'Then I realised my choice: either kill my wife or defect' choice and North Korea
An ex-diplomat tells Richard Lloyd Parry why he joined the rush to escape North Korea
Sunday 23 February 1997
The visitor was a North Korean intelligence agent, sent to Lusaka to deal with the defection of Mrs Lee, who had fled to the South Korean embassy a few days earlier. On the personal orders of Kim Jong Il, the country's "Dear Leader", the North Koreans were attempting to set up a meeting between husband and wife. He would talk to her, and urge her to come back. When she refused, as everyone knew she would, Mr Lee was to produce a small concealed pistol, and shoot her on the spot.
"That's when I realised my choice: either kill my wife or defect," he says. "Even if she had come back, she would certainly have been punished - put to death or sent to prison. If I refused to kill her then I would be punished, for disobeying the instructions of Kim Jong Il. But how could I contemplate killing the woman I loved for 10 years, the mother of my two children? And even if I did, and I went back home, what would people say? 'There is the man who killed his own wife.' "
Two weeks later, Mr Lee (not his real name) followed her into the South Korean embassy, and within a matter of days both had been whisked away to a new life in Seoul. But in winning his own freedom, he almost certainly sacrificed that of his family. The following month, the name of his father, a regional chairman of the ruling Workers' Party, ominously stopped appearing on lists of senior officials issued out of North Korea. The Lees' 10-year old daughter and seven-year old son were living with their grandparents at the time of their parents' defection: since then nothing has been heard of them.
The purge was laconically noted by the Naewoe Press, a South Korean organisation which monitors developments in the North. "Most probably," it recorded, "[Mr Lee's father] and his family members, along with his son's children, were sent to a political prison camp".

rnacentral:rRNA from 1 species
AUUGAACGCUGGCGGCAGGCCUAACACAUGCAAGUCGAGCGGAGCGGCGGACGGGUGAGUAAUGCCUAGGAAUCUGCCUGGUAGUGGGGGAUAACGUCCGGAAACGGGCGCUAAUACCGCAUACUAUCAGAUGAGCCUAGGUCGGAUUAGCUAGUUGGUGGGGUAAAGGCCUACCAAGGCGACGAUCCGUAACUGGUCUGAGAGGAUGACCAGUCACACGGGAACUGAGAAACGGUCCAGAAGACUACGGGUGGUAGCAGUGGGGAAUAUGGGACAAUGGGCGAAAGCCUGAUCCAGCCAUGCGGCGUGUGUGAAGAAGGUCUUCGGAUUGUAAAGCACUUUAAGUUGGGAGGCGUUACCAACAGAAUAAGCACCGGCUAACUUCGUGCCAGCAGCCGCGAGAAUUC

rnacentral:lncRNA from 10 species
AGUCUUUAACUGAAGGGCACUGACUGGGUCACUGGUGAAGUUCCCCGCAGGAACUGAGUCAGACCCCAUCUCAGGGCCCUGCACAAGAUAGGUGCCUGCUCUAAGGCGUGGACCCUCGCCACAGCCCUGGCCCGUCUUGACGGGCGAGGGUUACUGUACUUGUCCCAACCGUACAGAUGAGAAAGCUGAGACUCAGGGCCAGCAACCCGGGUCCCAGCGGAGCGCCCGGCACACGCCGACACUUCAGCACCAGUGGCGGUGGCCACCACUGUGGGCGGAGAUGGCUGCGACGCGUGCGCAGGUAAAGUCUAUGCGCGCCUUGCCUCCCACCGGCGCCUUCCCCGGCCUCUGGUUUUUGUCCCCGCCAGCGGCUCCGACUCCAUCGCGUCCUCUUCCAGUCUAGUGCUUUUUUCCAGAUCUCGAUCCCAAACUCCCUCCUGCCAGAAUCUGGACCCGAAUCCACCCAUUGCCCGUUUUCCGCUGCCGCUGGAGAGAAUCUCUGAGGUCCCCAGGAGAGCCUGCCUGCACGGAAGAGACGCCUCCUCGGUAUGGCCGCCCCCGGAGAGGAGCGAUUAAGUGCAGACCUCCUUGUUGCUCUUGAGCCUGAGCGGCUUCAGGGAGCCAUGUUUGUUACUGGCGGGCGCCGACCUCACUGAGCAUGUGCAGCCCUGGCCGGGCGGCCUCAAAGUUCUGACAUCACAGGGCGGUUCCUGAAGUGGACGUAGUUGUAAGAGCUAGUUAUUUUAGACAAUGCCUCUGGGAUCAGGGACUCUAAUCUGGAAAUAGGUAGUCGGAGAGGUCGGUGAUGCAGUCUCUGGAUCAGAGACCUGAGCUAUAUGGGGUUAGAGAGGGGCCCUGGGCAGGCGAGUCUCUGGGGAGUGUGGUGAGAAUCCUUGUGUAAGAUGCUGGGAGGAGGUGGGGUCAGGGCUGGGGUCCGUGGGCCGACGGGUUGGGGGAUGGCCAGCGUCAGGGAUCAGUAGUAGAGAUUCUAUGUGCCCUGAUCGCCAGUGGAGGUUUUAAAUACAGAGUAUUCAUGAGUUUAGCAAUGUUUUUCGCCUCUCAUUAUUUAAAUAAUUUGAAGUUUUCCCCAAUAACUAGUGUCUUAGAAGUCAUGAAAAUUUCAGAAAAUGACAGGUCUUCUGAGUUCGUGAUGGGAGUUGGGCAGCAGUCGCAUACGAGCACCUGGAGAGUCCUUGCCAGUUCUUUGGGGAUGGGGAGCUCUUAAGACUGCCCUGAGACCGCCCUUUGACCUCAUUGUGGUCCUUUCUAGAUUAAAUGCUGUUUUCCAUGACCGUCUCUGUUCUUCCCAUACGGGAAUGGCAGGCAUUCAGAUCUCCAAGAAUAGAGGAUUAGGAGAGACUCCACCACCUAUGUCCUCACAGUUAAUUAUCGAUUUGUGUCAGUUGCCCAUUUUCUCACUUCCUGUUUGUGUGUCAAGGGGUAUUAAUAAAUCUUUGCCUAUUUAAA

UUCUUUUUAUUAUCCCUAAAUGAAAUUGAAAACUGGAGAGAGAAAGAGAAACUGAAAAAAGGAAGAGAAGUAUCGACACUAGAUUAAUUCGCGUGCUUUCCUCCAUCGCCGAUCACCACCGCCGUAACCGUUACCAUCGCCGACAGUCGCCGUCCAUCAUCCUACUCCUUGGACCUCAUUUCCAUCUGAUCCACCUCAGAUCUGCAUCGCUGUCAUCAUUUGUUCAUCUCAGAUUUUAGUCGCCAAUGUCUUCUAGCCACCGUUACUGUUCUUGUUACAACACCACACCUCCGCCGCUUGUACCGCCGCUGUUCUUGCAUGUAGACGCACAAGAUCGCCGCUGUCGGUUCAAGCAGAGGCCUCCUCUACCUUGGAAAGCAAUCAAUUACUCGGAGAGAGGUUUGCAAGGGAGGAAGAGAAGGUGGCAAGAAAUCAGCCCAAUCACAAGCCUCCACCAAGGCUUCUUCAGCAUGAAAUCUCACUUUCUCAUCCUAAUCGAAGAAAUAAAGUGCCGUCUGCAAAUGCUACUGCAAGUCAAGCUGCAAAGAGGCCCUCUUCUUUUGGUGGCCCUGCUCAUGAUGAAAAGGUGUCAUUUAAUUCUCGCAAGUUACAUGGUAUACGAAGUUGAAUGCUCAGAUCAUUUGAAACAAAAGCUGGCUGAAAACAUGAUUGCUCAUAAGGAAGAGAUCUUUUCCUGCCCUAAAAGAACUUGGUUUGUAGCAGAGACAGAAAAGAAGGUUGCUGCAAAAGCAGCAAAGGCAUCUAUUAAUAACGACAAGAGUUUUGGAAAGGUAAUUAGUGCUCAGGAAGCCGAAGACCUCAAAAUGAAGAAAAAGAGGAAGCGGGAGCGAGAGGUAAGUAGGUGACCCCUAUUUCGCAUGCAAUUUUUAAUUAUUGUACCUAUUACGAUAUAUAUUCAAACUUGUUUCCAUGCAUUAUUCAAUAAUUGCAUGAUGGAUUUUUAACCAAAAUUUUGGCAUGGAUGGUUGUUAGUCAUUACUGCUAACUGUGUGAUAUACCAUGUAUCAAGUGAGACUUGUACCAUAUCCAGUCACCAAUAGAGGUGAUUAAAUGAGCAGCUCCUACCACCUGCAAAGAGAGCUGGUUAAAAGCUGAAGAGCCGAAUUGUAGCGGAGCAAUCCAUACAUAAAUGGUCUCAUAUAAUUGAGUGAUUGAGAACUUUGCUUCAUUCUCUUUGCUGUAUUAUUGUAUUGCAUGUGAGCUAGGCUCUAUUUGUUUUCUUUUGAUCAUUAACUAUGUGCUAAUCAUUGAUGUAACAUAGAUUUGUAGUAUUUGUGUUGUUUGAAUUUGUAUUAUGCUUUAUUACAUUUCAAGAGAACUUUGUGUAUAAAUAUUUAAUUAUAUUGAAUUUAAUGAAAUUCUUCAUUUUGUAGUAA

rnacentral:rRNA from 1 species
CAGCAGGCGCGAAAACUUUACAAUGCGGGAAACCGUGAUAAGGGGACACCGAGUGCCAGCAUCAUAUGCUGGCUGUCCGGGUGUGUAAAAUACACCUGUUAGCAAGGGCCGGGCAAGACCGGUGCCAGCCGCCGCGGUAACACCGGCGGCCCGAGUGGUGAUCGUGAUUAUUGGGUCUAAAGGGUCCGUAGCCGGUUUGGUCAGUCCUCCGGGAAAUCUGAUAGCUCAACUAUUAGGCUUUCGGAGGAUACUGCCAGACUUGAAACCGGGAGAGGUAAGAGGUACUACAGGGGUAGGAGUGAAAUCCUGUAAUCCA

Since the American and Soviet forces divided the peninsula into the capitalist South and the communist North in 1945, the Korean Cold War has produced many compelling and tragic stories, but none stranger than those of the North Korean defectors. The Lees' escape from Zambia, in January last year, was dramatic enough. Four months later, the pilot of a North Korean MiG-19 risked a second Korean War when he deliberately flew over the demilitarised zone and into the arms of the South Korean military. And for the last two weeks, in Seoul, Pyongyang and Peking, diplomats and intelligence agents have been acting out the latest episode in the world's last Cold War spy thriller.
It began 12 days ago, when an elderly man named Hwang Jang Yop arrived by taxi at the South Korean embassy in Peking. Mr Hwang, who was on his way back to Pyongyang from an official visit to Tokyo, was a leading philosopher of North Korean communism and the former tutor of Kim Jong Il. The defection, diplomats in Seoul were quoted as saying, was the equivalent of Marx abandoning Russia or Thomas Jefferson quitting the United States.
Official news agencies in Pyongyang immediately insisted that he had been kidnapped. Three days later, another defector living near Seoul was shot through the head by two unidentified attackers, widely believed to be North Korean agents; the last thing he did before losing consciousness was to hold up two fingers and utter the words: "Spy, spy..."
The announcement yesterday of the sudden death of North Korea's defence minister, one day after the appointment of a new prime minister, adds to the impression of growing instability and desperation. There are some 700 former North Koreans in the South and, since the collapse of Pyongyang's trade with the former Soviet bloc and a series of disastrous harvests, their numbers have grown every year.